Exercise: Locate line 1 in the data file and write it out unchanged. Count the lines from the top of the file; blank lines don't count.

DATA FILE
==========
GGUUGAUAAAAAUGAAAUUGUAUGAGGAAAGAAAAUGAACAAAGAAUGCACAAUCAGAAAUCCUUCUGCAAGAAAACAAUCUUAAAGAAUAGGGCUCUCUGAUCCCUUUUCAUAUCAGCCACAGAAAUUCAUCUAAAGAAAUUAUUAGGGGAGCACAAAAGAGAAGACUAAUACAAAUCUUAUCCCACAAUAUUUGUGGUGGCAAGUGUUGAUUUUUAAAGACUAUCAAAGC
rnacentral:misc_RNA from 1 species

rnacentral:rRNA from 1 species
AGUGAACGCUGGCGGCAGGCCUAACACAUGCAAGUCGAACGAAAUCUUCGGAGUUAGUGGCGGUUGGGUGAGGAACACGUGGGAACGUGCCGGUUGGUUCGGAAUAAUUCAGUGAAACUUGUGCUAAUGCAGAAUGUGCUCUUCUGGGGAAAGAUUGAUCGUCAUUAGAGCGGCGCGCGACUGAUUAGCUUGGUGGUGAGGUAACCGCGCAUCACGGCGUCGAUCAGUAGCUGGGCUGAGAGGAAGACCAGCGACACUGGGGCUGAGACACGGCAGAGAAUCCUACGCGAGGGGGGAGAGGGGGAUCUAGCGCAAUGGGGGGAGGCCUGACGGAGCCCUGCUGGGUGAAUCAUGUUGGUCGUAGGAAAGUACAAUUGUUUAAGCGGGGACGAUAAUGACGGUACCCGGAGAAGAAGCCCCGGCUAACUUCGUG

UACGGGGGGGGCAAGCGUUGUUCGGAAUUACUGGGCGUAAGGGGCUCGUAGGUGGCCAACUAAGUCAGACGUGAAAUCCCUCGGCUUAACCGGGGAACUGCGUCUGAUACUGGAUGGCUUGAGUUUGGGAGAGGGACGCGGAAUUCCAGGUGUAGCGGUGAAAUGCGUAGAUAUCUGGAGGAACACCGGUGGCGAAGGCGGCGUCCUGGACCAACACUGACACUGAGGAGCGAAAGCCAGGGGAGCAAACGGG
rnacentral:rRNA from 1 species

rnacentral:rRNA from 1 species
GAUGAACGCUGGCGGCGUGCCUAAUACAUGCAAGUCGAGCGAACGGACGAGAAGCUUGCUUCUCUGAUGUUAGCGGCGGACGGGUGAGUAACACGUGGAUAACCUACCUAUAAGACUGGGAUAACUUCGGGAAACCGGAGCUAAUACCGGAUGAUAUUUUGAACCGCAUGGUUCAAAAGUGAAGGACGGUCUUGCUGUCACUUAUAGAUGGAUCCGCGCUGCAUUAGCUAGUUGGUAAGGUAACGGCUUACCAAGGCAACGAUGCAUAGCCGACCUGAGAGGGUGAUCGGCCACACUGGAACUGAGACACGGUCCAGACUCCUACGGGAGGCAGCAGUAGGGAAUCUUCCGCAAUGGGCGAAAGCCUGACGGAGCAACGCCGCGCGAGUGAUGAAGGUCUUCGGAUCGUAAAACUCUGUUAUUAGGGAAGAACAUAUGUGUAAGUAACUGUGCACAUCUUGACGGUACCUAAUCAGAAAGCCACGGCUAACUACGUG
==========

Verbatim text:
GGUUGAUAAAAAUGAAAUUGUAUGAGGAAAGAAAAUGAACAAAGAAUGCACAAUCAGAAAUCCUUCUGCAAGAAAACAAUCUUAAAGAAUAGGGCUCUCUGAUCCCUUUUCAUAUCAGCCACAGAAAUUCAUCUAAAGAAAUUAUUAGGGGAGCACAAAAGAGAAGACUAAUACAAAUCUUAUCCCACAAUAUUUGUGGUGGCAAGUGUUGAUUUUUAAAGACUAUCAAAGC